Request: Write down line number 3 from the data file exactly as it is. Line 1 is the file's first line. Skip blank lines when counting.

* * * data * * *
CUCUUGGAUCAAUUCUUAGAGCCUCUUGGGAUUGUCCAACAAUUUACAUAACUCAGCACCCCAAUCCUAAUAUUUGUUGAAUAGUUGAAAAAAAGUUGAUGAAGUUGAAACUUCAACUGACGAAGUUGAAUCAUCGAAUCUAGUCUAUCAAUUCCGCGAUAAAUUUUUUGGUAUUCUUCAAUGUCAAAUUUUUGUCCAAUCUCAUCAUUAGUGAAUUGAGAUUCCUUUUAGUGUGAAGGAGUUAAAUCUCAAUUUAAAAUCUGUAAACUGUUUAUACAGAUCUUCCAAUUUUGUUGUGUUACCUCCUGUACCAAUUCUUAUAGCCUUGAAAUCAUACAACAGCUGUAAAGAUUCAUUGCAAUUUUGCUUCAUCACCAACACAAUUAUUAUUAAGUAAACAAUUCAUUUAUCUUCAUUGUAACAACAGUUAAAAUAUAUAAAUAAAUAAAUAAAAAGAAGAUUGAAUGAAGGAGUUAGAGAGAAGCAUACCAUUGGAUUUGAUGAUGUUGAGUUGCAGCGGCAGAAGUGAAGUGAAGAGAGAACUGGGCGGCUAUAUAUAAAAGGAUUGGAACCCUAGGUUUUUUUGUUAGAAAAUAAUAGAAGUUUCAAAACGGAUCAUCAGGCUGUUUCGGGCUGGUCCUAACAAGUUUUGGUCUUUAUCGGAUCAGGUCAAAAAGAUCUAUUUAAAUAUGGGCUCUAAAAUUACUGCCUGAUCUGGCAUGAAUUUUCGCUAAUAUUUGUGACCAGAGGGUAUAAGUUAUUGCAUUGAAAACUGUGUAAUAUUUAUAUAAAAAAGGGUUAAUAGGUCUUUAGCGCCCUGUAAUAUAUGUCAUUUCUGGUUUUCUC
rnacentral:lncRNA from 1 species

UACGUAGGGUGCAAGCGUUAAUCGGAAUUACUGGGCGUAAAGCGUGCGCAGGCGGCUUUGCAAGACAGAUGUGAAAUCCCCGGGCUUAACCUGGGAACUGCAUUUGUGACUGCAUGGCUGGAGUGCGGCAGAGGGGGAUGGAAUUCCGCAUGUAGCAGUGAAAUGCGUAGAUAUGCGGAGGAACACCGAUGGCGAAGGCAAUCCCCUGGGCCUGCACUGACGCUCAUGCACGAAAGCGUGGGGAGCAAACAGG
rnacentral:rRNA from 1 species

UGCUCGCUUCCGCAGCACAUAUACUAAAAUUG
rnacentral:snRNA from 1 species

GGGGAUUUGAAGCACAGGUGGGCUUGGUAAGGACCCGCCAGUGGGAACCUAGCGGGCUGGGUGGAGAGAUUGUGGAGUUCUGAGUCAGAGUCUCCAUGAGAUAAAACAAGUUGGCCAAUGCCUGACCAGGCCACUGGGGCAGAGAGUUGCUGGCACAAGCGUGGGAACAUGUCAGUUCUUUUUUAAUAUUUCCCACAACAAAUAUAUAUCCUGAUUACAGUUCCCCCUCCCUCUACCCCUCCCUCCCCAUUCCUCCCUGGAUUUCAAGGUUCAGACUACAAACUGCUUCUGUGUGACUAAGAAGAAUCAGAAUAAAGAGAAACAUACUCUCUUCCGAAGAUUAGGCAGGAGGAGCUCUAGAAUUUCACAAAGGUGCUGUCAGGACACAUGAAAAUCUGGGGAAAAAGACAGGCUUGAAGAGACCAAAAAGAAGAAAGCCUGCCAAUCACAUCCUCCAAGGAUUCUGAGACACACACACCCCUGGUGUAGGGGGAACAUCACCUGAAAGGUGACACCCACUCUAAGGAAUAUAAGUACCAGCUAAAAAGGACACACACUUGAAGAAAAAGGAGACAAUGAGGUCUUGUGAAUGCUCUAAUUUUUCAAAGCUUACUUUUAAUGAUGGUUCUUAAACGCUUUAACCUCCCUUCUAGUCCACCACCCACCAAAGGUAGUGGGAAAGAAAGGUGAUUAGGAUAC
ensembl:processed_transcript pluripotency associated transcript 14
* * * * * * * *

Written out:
UACGUAGGGUGCAAGCGUUAAUCGGAAUUACUGGGCGUAAAGCGUGCGCAGGCGGCUUUGCAAGACAGAUGUGAAAUCCCCGGGCUUAACCUGGGAACUGCAUUUGUGACUGCAUGGCUGGAGUGCGGCAGAGGGGGAUGGAAUUCCGCAUGUAGCAGUGAAAUGCGUAGAUAUGCGGAGGAACACCGAUGGCGAAGGCAAUCCCCUGGGCCUGCACUGACGCUCAUGCACGAAAGCGUGGGGAGCAAACAGG